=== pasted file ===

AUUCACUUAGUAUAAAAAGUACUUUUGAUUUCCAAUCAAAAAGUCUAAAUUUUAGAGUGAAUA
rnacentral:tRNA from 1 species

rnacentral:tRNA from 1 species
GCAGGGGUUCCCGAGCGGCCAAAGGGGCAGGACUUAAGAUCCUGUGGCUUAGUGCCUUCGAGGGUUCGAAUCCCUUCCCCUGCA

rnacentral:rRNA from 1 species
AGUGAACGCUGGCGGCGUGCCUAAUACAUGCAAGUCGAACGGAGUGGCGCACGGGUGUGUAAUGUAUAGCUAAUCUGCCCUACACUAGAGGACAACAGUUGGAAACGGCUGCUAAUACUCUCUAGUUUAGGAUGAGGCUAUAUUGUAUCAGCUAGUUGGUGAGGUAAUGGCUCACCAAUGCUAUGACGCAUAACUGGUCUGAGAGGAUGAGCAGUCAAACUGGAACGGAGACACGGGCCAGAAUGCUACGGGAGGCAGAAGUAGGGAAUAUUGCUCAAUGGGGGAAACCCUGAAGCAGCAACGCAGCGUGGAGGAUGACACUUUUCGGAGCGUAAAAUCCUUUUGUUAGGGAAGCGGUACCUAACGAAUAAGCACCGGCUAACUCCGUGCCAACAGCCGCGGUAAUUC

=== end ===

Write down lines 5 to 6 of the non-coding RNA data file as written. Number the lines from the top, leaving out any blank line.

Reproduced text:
rnacentral:rRNA from 1 species
AGUGAACGCUGGCGGCGUGCCUAAUACAUGCAAGUCGAACGGAGUGGCGCACGGGUGUGUAAUGUAUAGCUAAUCUGCCCUACACUAGAGGACAACAGUUGGAAACGGCUGCUAAUACUCUCUAGUUUAGGAUGAGGCUAUAUUGUAUCAGCUAGUUGGUGAGGUAAUGGCUCACCAAUGCUAUGACGCAUAACUGGUCUGAGAGGAUGAGCAGUCAAACUGGAACGGAGACACGGGCCAGAAUGCUACGGGAGGCAGAAGUAGGGAAUAUUGCUCAAUGGGGGAAACCCUGAAGCAGCAACGCAGCGUGGAGGAUGACACUUUUCGGAGCGUAAAAUCCUUUUGUUAGGGAAGCGGUACCUAACGAAUAAGCACCGGCUAACUCCGUGCCAACAGCCGCGGUAAUUC